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On 2 February 2012, the Scottsdale Center for the Performing Arts presented the Close Encounters with Music program Lisztomania. This chamber music series involves not only the music, but also fascinating commentary by cellist Yehuda Hanani that adds considerably to the audience’s understanding of the works. For example, before pianist Jeffrey Swann played two of the Legends by Franz Liszt (1811 – 1886), Hanani explained that the first told of St. Francis preaching to the birds and the second of St Francis of Paola walking on the waves. When the latter saint was refused passage on a boat, it is said that he laid his cloak down on the water and rode it across the Strait of Messina between Calabria and Sicily. Liszt owned a painting of St Francis of Paola walking on the water and he captured the story in music. Swann’s sensitive performance communicated the musical picture of a passage through rough seas with high waves rushing to the shore.

The second group of Liszt pieces consisted of the Romance Oubilee, La Lugubre Gondola, and three of his Consolations. Most of the music on this program was written in the latter half of the composer’s life. The Romance dates from his sixty-ninth year but it still has the feeling of romantic love when played by piano and cello. La Lugubre Gondola seems now to have prophesied the death of Wagner, which took place in Venice a short time after the work was written. The German composer’s funeral procession began with a gondola leading the procession to the railway station. Hanani and Swann played the piece with emotion-filled elegance that was never exaggerated or or overstated. Three Consolations, short pieces that Liszt wrote around 1850, were the simple romantic delights that completed the first half of this concert.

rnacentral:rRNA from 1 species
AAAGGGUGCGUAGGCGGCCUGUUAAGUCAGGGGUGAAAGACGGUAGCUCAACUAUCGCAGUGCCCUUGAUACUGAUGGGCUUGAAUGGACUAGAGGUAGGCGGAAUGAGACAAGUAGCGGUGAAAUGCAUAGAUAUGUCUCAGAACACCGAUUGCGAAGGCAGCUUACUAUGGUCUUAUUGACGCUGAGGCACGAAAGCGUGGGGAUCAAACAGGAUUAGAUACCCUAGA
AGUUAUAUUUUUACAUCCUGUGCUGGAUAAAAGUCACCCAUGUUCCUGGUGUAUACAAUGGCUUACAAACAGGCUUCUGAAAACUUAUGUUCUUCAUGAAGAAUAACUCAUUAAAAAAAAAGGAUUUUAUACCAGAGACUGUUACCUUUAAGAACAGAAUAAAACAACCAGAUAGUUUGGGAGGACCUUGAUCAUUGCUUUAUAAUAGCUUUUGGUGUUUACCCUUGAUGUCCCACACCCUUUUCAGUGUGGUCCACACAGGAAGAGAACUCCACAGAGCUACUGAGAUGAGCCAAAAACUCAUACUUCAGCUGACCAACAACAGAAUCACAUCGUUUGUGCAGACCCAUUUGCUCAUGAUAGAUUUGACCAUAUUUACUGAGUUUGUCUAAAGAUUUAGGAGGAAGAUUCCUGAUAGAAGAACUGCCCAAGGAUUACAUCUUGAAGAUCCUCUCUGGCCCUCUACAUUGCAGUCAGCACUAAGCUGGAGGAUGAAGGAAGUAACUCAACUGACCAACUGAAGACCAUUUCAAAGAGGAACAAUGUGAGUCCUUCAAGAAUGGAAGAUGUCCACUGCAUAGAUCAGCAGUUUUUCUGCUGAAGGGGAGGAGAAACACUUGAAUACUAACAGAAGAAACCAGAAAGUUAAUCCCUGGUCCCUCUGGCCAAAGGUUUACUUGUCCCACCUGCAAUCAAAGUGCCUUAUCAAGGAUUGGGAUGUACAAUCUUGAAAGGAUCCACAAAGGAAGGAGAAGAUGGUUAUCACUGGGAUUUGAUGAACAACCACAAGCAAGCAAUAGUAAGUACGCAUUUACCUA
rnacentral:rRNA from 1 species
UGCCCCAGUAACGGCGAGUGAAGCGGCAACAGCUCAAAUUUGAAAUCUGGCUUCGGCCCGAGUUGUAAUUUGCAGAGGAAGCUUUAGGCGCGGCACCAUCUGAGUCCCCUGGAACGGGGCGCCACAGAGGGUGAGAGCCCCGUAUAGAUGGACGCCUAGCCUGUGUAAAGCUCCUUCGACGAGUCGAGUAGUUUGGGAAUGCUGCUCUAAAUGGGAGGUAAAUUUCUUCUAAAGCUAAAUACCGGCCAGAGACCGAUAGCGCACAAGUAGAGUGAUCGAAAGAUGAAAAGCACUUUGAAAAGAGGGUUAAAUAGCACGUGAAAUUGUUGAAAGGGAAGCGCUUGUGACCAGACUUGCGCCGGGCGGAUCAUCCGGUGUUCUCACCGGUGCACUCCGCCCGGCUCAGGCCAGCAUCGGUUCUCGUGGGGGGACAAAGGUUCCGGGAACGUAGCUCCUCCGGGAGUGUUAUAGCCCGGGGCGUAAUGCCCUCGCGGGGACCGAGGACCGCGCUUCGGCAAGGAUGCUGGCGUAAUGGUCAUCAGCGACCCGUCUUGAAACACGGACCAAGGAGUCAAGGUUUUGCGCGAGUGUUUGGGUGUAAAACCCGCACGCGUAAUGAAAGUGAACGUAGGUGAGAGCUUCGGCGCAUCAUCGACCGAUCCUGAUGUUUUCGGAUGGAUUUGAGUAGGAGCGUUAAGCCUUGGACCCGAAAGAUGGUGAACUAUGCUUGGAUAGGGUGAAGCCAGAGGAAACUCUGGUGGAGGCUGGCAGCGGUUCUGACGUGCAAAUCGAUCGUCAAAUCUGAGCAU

After the intermission, came the piece de resistance, the C minor Piano Trio, Opus 66, by Felix Mendelssohn (1809 – 1847). He composed this expertly crafted trio in 1845 and it was the last chamber piece published during his lifetime. The first movement is marked Allegro eneretico e con fuoco. Hanani, Swann and phenomenal young violinist Tim Fain played it with all the energy and fire that any composer could ask for. It was the beginning of a brilliant rendition. The plaintive theme that followed was an opulent contrast to the more urgent music at the end of the movement. The middle movements marked Andante espressivo and Scherzo: molto allegro quasi presto, gave us a spectacular dialogue between the strings and the keyboard. There were also gorgeous harmonies between violin and cello.

For the finale marked Allegro appassionato, the trio played propulsive and they seemed to coalesce as one unit because each was so responsive to the other. They were truly an impressive group. All of the pieces played this evening require considerable virtuosity and these musicians played them with consummate ease. Happily for Arizona music lovers, Close Encounters with Music will return to Scottsdale on 8 March 2012, with performances of piano quartets by Robert Schumann and Johannes Brahms. The soloists will be cellist Yehuda Hanani, Pianist Lydia Artymiw, Violinist Arnaud Sussmann, and Violist Toby Appel